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31 December 2010 @ 11:49 pm
Squeaking in just before midnight on the last day of 2010: #71, 72 and 73!  
Predator's Gold, Infernal Devices, A Darkling Plain, Philip Reeve

I confess, I'm confused about these books. One of them, A Darkling Plain, boasts two stickers. "Winner of the Guardian Children's Fiction Prize" says one of them, and "Not suitable for younger readers" says the other. The writing in some places is catered exclusively to the (sorry) less subtle readership of the under-tens, with people 'teasing' and 'admitting' their dialogue like the book is a vocabulary lesson, and lots of side-notes in parentheses, which both lessons the impact and makes it more accessible. Alongside this you have people coming to gory ends every two chapters. It's extremely frustrating to read about characters like Hester Shaw or General Naga written this way. It's like The Lord of the Rings as retold by Stephanie Meyer, based solely on third-hand oral testimony. You get glimpses, here and there, of what amazing, complicated, human people they are, but their emotions and motivations are displayed in the language of Xbox-mad preteens.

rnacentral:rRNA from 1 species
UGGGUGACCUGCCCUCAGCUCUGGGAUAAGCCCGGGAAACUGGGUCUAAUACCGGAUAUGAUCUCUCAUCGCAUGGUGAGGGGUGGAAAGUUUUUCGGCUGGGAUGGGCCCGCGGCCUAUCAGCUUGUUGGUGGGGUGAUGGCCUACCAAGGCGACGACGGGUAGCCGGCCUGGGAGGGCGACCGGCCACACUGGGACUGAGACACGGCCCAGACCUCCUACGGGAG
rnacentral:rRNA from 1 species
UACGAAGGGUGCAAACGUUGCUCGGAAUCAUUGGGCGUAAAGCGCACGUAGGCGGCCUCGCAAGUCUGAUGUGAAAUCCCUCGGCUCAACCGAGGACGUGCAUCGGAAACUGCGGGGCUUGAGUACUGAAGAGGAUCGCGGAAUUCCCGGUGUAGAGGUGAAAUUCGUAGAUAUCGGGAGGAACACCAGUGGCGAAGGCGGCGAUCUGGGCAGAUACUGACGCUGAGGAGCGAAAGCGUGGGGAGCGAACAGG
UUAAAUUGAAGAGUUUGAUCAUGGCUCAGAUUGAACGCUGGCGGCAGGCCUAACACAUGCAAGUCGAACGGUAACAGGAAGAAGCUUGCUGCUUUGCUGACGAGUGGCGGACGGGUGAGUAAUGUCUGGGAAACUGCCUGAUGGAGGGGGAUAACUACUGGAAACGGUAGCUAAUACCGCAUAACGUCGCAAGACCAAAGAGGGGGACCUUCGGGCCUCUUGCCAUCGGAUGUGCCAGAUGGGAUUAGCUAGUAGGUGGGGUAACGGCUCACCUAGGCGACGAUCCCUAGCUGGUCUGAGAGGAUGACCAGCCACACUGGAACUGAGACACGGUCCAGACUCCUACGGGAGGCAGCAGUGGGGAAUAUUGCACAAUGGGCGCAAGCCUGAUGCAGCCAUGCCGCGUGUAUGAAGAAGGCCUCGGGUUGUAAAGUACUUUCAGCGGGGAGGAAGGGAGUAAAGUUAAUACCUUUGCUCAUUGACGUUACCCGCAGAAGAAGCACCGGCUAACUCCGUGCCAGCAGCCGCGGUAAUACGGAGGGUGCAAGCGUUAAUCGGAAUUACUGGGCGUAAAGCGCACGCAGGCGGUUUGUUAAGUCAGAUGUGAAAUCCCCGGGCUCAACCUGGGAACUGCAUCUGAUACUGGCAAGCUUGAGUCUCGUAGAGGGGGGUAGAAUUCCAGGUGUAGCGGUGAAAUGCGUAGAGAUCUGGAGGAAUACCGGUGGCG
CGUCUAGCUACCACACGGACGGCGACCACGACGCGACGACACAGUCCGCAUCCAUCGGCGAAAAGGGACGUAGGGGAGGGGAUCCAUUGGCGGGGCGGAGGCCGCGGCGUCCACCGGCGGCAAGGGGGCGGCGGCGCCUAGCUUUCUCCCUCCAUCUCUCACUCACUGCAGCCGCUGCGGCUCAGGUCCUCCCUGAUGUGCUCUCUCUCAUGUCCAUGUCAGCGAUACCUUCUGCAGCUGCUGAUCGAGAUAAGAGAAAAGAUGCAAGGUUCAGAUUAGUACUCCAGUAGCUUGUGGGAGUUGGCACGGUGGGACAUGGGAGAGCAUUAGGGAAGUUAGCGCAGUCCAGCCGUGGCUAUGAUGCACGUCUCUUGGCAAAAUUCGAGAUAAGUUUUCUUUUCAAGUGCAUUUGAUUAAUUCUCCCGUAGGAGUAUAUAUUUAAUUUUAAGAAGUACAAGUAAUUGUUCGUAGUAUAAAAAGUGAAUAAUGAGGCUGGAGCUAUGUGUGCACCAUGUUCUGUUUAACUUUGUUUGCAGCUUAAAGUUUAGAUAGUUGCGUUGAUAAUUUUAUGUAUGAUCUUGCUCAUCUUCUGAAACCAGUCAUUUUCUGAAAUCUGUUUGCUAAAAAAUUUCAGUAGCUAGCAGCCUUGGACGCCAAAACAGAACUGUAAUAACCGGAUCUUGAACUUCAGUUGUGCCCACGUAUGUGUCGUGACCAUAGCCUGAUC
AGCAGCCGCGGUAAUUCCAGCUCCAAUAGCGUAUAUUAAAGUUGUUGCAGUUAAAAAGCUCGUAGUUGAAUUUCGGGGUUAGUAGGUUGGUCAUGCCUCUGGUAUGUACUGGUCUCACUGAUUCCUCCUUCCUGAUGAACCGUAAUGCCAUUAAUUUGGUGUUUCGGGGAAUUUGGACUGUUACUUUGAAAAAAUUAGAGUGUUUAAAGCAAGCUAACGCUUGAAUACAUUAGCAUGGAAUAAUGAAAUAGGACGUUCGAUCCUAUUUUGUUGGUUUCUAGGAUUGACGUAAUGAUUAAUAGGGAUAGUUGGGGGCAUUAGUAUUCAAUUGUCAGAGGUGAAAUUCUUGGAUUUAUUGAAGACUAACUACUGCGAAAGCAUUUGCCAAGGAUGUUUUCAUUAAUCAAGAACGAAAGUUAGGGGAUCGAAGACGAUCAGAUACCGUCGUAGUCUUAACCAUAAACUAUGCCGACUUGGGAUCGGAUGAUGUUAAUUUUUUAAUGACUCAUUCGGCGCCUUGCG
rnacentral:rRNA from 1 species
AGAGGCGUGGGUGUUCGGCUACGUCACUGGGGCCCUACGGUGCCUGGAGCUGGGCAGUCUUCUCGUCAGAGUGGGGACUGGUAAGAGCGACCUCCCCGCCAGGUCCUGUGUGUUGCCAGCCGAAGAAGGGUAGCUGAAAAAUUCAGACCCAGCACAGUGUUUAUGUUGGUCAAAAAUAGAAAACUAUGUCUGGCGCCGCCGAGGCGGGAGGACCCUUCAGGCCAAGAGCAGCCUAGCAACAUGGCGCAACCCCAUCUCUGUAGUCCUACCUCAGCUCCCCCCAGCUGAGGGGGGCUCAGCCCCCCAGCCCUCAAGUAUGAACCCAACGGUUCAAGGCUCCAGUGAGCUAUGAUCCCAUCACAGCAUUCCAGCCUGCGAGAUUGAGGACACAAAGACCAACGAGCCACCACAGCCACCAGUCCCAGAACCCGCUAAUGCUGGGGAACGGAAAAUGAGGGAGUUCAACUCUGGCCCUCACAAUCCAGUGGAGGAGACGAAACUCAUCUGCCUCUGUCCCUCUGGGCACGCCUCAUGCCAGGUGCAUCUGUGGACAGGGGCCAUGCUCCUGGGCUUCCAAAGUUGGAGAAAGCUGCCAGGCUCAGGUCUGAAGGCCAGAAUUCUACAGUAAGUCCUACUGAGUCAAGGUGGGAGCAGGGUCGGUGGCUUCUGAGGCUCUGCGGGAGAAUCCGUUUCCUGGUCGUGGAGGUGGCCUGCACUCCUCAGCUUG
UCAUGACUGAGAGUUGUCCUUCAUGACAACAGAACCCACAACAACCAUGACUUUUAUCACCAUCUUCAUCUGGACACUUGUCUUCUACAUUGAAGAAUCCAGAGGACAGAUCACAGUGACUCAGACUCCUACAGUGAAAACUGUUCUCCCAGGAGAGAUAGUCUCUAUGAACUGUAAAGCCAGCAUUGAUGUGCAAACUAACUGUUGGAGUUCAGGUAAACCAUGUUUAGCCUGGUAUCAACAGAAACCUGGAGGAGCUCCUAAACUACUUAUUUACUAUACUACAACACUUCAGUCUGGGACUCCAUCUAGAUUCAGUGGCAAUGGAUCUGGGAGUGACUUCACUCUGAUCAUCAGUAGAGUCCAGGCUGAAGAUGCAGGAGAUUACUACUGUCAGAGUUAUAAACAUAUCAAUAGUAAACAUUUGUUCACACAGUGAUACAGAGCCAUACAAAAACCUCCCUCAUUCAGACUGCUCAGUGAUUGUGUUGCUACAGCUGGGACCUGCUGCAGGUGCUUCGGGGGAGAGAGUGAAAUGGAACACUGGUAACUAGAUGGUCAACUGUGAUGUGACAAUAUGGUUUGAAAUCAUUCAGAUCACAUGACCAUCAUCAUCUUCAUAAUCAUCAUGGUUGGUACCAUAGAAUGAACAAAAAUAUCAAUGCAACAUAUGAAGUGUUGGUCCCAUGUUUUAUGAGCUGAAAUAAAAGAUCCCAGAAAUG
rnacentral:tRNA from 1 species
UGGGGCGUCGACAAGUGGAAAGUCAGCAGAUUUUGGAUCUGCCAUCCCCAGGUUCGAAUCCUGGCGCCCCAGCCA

I'm also not sure anymore what audience books like these are aimed at. They belonged to my brother initially; it took him about a year to read each (and I'm not sure he even made it to the end of the quarilogy). Maybe, as we have accepted that m/m slash is the province almost (almost!) solely of grown-up women, so can we accept that YA lit is theirs also, and stop imagining it's being read by teenagers or boys?



There was an interesting discussion about dystopias in this post on cleolinda's journal. A commenter remarked that dystopias are nearly always dissected and rebuilt in a way settings like the Renaissance are not. Well, I'm pretty sure the Earth of these books is a dystopia, but no one seems terribly bothered about it, or interested in changing it. The war is between cities that move and cities that don't, not, as most would choose, between cities that have slaves and cities that don't. And I find that I am ultimately disappointed by that; more than disappointed - chilled.